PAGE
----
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tolls on the Elbe, and Bremen to tolls on the Weser. The Po, short stream as it is, was under toll of each city strong enough to make these exactions. Austrian vessels were not seen in the portion of the Danube which lay outside of the jurisdiction of the German Empire. In the Iberian Peninsula some traces of the Roman freedom of the river remained, but the rest of Europe had abandoned this ancient and equitable principle wherever two sovereignties divided a navigable stream. These exactions had grown rather than diminished. The Congress of Aix-la-Chapelle refused to modify them. Even France did not protest against these injurious restrictions upon the trade of one of its chief streams. Joseph II of Austria had striven in vain to secure for the provinces in the Low Countries, which he had inherited, the privileges which had been bartered away at the close of the long struggle between Spain and the United States of the Netherlands.

Suddenly there began a movement in all parts of Europe which ended all these exactions. Many factors existed, but the most conspicuous one, directing the attention of the world to the injustice of this interference with the freedom of fluvial trade, was the treaty between France and England in 1763 which had guaranteed to the British colonists the free navigation of the Mississippi. The United States of America both inherited and asserted this privilege. It was made the basis of protest and negotiation, embodied in the treaty of peace, 1783, which established the principle on the American continent that rivers should be free to all their inhabitants, and duly remembered and recorded by us for England in the Louisiana purchase in days when this great stream was believed to be navigable into Canada. Widely commented upon in Europe, the publication of the treaty of 1783 was followed by, and one may fairly say was the proximate cause of, the immediate movement which went into effect before the French Revolution and was soon won, demanding the abolition of all these obstructions to free trade on the rivers of Europe. In 1669 Hamburg had protested in vain to the Duke Christian of Mecklenburg-Schwerin against tolls. on the Elbe which prevented navigation and turned trade to land.2 After the futile attempt of Joseph II from 1781 to 1784, the French Republic on November 20, 1792, made an energetic declaration asserting tolls on the Scheldt and Meuse "contrary to any right"-an echo of Jefferson's phrase. A secret article of the Peace of Campo Formio,

2Histoire du Droit Fluvial Conventionnel, par Ed. Engelhardt, Aux Temps du Rome et au Moyen Age, Nouvelle Revue Historique, 12:735.

3Nouvelle Revue Historique de Droit Français et Étranger, 13:77; Loi du Novembre, 1790; Traité de la Haye du 16 Mai, 1795.

1797 (p. 87, ibid.) freed the Rhine. The 18th article of the Treaty of Ryswick extended this freedom to all nations. In 1798 the City of Ulm pleaded for the freedom of the Danube from the tolls imposed by Austria and Bavaria. Bremen added the same plea against the tolls on the Weser. These various steps and demands culminated in a convention in Paris, August 3, 1805, concurred in by the authorities of the German Empire, in which Russia as well as France were concerned, establishing the principles on which the unrestricted and universal navigation of European rivers has since been urged. These were accepted by the Congress of Vienna and have ruled since. They were the application of the principles which Jefferson had enunciated and which so liberal a thinker and so radical a statesman as Mirabeau had controverted. The despotic rule of Napoleon had returned to these tolls and the ancient exactions Mirabeau defended; but the allied sovereigns, first at Paris and then at Vienna, not only declared the Rhine free, but laid this down as a principle "for all other navigable streams traversing different states," a conclusion drawn by Baron William von Humboldt, the elder brother of the great traveller and explorer, whose name is imperishably associated with the rivers of the New World, soon themselves to be free. Successive conventions of the Powers involved, relieved from toll and restriction the Weser, Ems, Elbe, Rhine, Po and later the Scheldt. These regulations continued to 1831 and were still subjects of international discussion in 1858, and the broad principle first asserted by an American statesman was only finally and fully applied to the Scheldt by the treaty of July 16, 1863.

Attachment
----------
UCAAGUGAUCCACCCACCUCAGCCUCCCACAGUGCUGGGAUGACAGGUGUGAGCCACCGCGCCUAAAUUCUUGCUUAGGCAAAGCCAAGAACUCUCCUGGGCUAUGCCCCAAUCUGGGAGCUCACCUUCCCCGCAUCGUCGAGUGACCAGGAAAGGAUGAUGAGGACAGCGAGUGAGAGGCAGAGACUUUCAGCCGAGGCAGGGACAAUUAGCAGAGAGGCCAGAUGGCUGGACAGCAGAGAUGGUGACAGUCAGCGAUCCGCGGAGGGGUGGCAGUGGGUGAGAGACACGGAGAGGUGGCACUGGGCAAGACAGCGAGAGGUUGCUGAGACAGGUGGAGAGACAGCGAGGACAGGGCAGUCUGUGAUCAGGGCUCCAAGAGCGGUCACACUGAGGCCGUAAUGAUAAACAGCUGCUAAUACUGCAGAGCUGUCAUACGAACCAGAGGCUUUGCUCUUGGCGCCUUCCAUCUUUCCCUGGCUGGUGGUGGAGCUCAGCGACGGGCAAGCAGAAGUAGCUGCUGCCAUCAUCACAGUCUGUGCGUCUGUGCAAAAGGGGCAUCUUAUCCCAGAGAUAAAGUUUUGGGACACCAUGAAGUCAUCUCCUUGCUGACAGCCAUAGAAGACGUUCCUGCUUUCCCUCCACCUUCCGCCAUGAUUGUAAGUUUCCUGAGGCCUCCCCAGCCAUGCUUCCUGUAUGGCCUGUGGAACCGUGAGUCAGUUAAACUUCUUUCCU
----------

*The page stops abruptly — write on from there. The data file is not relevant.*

The Mississippi was the first of American rivers to see the recognition of this principle, which the united colonies had secured while under the English flag, which they had asserted under the flag of the United States, and which successive Secretaries of State, Jefferson and Madison, had warned Spain would become a cause for war if interference were permitted. France and Portugal carried this principle to South America in 1805 by agreeing to the free navigation of the Arawairi in deciding the boundary of Guiana.

The United States, which had begun this work, continued it by its protests against obstruction, first of the St. Lawrence in 1827, and later of the River St. John, which the Treaty of Washington, August 9, 1842, had declared "shall be free and open to both parties and shall in no way be obstructed by either."

In 1852 the United States began its demands for the freedom of the Amazon. An imperial decree, October 2, 1854, abrogated an ex

clusive concession of steam navigation on the Amazon, and in the course of the next decade the Amazon became free. The final step was taken by the Emperor of Brazil on December 7, 1866, by a decree declaring the navigation of the Amazon open to vessels of all nations to the frontiers of Brazil, of the Tocantins to Cameta, the Tapajos to Santarem, the Madeira to Borba and the Rio Negro to Manáos. On the same date the San Francisco was opened to Penedo. Where but one bank belonged to Brazil, treaties already negotiated were to decide police regulations, and engagements with Peru and Venezuela were duly validated. Regulations in regard to these rivers were decreed on July 31, 1867. Earlier the Platte was opened to all nations in various treaties, of which one, between the Argentine Confederation and Belgium, opened the Parana and Uruguay on March 3, 1860. The Orinoco was later added to the free rivers of the world. Colombia, which had with Venezuela long struggles over the Orinoco, finally secured its liberty and recognized this principle in its constitution May 25, 1864, giving the central government exclusive power to enforce it.